Bake at 375 degrees for 10 to12 minutes.

Eating well and saving money can go hand-in-hand. According to Tami Ross, RD, LD, CDE, 2008 Diabetes Educator of the Year and author of “Diabetes Meals on $7 a Day — or Less!” with the right ingredients and a little planning, preparing delicious and nutritious meals does not have to break the bank.

For example, this recipe for Everyday Elbows makes dining in not only budget-friendly (about $1.40 per serving), but delicious and healthy, as well. The addition of lean ham and olives give this family favorite a new and exciting twist beyond the basic marinara sauce. Plus, the quick convenience (30 minutes start to finish) makes it perfect for any night of the week.

“Using Dreamfields Pasta provides an added health boost,” says Ross, “because it delivers twice the fiber (five grams), fewer digestible carbohydrates and a lower glycemic index than traditional pasta. These health benefits, along with having all the taste and texture of traditional pasta, make Dreamfields an ideal choice for the 81 million Americans with diabetes or pre-diabetes, and the entire family, too.”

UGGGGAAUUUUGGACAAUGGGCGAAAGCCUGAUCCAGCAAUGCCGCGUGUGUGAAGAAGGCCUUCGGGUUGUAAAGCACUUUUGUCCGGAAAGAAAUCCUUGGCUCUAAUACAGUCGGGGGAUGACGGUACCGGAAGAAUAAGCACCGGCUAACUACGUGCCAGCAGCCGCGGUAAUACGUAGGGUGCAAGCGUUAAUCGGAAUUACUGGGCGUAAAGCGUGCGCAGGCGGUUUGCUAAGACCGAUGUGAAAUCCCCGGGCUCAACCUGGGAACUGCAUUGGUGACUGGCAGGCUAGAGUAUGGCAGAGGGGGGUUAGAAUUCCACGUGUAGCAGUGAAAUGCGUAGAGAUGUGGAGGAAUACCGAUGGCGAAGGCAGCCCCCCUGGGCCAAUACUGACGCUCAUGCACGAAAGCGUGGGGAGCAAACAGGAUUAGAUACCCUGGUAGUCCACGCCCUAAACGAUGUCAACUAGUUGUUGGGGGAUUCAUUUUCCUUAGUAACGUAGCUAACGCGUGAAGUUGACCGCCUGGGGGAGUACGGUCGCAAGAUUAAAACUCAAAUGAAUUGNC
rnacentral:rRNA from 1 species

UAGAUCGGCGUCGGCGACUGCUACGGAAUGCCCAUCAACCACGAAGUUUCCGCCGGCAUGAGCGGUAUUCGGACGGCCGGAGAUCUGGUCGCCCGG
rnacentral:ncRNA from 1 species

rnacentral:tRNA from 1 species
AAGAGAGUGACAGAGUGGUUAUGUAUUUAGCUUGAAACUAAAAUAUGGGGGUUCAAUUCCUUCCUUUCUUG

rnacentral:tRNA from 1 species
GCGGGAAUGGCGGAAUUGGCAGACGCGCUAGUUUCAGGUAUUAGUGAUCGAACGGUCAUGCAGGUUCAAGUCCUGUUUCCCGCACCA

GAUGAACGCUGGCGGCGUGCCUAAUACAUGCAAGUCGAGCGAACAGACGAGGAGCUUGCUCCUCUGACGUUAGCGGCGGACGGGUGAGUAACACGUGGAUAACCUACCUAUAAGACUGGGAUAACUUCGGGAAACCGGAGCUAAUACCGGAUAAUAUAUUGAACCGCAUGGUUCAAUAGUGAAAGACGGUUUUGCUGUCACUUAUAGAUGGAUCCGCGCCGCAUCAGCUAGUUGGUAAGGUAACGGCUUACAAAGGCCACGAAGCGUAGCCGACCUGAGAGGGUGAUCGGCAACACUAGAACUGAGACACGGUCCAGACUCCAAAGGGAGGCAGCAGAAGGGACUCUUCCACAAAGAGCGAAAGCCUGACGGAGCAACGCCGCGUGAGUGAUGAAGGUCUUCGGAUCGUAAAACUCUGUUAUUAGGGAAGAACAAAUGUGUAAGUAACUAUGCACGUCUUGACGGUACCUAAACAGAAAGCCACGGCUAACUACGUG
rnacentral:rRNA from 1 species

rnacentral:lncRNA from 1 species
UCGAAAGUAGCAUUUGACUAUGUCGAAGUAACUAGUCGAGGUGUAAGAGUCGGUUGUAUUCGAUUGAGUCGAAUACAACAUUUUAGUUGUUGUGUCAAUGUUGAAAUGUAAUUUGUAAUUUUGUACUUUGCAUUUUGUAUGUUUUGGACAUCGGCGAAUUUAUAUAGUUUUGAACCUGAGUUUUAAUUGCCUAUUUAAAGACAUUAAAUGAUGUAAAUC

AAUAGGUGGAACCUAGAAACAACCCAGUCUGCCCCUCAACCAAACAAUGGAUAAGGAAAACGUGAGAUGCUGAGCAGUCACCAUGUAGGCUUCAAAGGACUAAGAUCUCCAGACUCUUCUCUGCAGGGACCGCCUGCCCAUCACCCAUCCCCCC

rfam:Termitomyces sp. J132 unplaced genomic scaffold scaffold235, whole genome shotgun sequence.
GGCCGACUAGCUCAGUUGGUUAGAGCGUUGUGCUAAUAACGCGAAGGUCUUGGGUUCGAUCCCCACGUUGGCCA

Everyday Elbows

Preparation time: 10 minutes; cooking time: 20 minutes; makes 6 main dish servings

1 box Dreamfields Elbows

2 teaspoons olive oil

1/2 cup chopped red onion

4 ounces cooked ham, cut into thin strips

1, 26-ounce jar marinara (pasta) sauce

2 tablespoons pitted ripe black olives, halved or quartered

1/4 cup chopped fresh parsley

1/4 cup grated Parmesan cheese

Cook pasta according to package directions. Drain and return to pan; keep warm.